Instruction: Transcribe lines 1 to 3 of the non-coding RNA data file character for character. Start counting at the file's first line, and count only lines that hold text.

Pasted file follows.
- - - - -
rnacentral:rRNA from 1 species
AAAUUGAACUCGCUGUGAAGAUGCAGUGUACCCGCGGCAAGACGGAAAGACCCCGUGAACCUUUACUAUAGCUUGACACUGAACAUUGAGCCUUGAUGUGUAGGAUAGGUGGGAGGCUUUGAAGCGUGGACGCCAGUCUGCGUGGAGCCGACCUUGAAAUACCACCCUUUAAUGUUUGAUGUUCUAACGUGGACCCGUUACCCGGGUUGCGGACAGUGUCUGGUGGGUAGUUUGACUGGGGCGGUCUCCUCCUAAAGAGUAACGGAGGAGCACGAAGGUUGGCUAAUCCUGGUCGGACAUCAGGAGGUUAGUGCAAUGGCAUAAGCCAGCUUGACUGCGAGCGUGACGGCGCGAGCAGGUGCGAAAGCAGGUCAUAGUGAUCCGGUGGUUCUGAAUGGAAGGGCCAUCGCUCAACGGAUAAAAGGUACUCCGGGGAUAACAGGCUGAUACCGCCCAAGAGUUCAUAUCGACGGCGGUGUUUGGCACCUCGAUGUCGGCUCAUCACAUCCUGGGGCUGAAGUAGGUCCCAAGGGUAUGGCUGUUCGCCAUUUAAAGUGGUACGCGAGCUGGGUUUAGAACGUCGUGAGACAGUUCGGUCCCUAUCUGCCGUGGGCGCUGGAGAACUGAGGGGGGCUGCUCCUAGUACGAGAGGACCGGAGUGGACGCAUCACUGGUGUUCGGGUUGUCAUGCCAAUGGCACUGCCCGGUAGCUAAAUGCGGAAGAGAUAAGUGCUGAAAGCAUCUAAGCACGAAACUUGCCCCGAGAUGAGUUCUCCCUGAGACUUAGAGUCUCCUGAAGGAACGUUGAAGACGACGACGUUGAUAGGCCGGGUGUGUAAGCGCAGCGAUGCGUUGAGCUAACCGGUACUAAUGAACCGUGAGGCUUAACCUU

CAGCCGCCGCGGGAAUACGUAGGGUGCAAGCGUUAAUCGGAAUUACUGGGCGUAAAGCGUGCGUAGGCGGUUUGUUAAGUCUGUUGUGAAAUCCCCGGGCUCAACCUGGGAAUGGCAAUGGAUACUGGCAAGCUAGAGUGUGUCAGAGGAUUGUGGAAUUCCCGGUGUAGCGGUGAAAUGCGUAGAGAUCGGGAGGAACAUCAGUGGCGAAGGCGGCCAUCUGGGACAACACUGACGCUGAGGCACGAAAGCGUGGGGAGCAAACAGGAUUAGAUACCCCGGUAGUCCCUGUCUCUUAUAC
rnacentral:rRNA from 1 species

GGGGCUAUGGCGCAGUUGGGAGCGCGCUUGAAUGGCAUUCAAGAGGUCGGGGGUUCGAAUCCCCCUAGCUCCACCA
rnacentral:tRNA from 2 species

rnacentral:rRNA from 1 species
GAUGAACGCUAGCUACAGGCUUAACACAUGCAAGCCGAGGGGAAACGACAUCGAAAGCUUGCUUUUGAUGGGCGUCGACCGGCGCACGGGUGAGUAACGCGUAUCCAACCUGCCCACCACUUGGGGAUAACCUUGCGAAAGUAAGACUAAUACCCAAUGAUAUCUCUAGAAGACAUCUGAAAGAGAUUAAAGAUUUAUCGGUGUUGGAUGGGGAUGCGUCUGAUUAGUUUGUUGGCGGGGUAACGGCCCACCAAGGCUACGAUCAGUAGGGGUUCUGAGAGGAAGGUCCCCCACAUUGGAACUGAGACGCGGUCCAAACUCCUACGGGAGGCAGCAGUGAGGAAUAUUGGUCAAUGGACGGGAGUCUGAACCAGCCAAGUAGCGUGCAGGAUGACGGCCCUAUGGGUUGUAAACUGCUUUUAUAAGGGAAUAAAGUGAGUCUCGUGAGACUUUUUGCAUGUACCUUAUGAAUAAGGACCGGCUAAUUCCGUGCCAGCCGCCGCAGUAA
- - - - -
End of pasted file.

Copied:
rnacentral:rRNA from 1 species
AAAUUGAACUCGCUGUGAAGAUGCAGUGUACCCGCGGCAAGACGGAAAGACCCCGUGAACCUUUACUAUAGCUUGACACUGAACAUUGAGCCUUGAUGUGUAGGAUAGGUGGGAGGCUUUGAAGCGUGGACGCCAGUCUGCGUGGAGCCGACCUUGAAAUACCACCCUUUAAUGUUUGAUGUUCUAACGUGGACCCGUUACCCGGGUUGCGGACAGUGUCUGGUGGGUAGUUUGACUGGGGCGGUCUCCUCCUAAAGAGUAACGGAGGAGCACGAAGGUUGGCUAAUCCUGGUCGGACAUCAGGAGGUUAGUGCAAUGGCAUAAGCCAGCUUGACUGCGAGCGUGACGGCGCGAGCAGGUGCGAAAGCAGGUCAUAGUGAUCCGGUGGUUCUGAAUGGAAGGGCCAUCGCUCAACGGAUAAAAGGUACUCCGGGGAUAACAGGCUGAUACCGCCCAAGAGUUCAUAUCGACGGCGGUGUUUGGCACCUCGAUGUCGGCUCAUCACAUCCUGGGGCUGAAGUAGGUCCCAAGGGUAUGGCUGUUCGCCAUUUAAAGUGGUACGCGAGCUGGGUUUAGAACGUCGUGAGACAGUUCGGUCCCUAUCUGCCGUGGGCGCUGGAGAACUGAGGGGGGCUGCUCCUAGUACGAGAGGACCGGAGUGGACGCAUCACUGGUGUUCGGGUUGUCAUGCCAAUGGCACUGCCCGGUAGCUAAAUGCGGAAGAGAUAAGUGCUGAAAGCAUCUAAGCACGAAACUUGCCCCGAGAUGAGUUCUCCCUGAGACUUAGAGUCUCCUGAAGGAACGUUGAAGACGACGACGUUGAUAGGCCGGGUGUGUAAGCGCAGCGAUGCGUUGAGCUAACCGGUACUAAUGAACCGUGAGGCUUAACCUU

CAGCCGCCGCGGGAAUACGUAGGGUGCAAGCGUUAAUCGGAAUUACUGGGCGUAAAGCGUGCGUAGGCGGUUUGUUAAGUCUGUUGUGAAAUCCCCGGGCUCAACCUGGGAAUGGCAAUGGAUACUGGCAAGCUAGAGUGUGUCAGAGGAUUGUGGAAUUCCCGGUGUAGCGGUGAAAUGCGUAGAGAUCGGGAGGAACAUCAGUGGCGAAGGCGGCCAUCUGGGACAACACUGACGCUGAGGCACGAAAGCGUGGGGAGCAAACAGGAUUAGAUACCCCGGUAGUCCCUGUCUCUUAUAC